A panel interview occurs when an interview is conducted with more than one interviewer at a time. The interviewers on the panel should be individuals who have job relevant experience for the position they are evaluating. The panel can consist of supervisors, colleagues and they may take turns asking a set of prepared questions which all candidates will be asked. This is done in order to ensure that the responses between candidates can be compared. Previous research has shown that using a panel of two or more interviewers during the selection process is more reliable and valid in predicating job performance than pre-employment tests.
Panel interviews are useful as they are more reliable and job related because two or more people are used to assess one candidate, therefore more information can be gained from one candidate. Panel interviews are also useful in assessing how well a candidate handles stress while facing a number of people and assesses how a candidate interacts with different people (such as bosses, work peers or future clients). This would be especially useful in jobs which require this sort of interaction with people.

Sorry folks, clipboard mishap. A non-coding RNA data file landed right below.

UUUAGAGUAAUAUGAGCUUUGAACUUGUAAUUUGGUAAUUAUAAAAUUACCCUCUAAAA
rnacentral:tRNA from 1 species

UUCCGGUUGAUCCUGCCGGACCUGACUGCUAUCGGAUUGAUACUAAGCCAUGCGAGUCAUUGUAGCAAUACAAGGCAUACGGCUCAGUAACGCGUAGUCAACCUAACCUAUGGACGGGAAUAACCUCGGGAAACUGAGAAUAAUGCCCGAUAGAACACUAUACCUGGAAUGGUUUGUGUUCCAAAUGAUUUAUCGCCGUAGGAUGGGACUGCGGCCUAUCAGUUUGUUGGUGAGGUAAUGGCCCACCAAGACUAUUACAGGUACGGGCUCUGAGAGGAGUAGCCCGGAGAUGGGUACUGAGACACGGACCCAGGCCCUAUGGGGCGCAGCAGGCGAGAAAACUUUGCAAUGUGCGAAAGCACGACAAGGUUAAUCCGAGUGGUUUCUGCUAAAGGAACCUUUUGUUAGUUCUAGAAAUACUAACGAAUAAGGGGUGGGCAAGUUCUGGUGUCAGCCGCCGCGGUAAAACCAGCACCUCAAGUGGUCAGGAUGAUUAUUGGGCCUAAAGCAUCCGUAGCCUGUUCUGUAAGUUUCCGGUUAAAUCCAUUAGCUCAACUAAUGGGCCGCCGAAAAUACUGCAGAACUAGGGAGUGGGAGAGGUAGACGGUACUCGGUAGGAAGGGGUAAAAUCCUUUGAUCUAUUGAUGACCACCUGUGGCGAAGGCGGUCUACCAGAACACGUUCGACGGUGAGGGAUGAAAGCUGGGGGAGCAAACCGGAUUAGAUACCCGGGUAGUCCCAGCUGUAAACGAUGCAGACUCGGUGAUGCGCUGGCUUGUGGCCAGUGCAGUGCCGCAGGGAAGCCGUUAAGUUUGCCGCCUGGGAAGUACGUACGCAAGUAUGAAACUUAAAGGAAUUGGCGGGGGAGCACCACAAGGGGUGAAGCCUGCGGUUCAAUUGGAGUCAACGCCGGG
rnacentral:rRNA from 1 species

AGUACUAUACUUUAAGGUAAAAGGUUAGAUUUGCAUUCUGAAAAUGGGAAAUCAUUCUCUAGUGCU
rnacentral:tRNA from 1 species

However, panel interviews can be time consuming because several people are needed to assess just one candidate and panel interviews can sometimes last longer than an individual interview as perhaps more questions would be asked. Panel interviews are useful though as a wide variety of information can be gained from one candidate. Previous research has also shown that structured interviews are better at predicting job performance than unstructured interviews. The choice of conducting a panel interview is dependent upon the organisation, resources, the job role and the competencies being evaluated.
Roth, P.L., Campion, JE., (1992). An analysis of the predictive power of the panel interview and pre-employment tests. Journal of occupational and organisational psychology, 65 (1), pp.51-60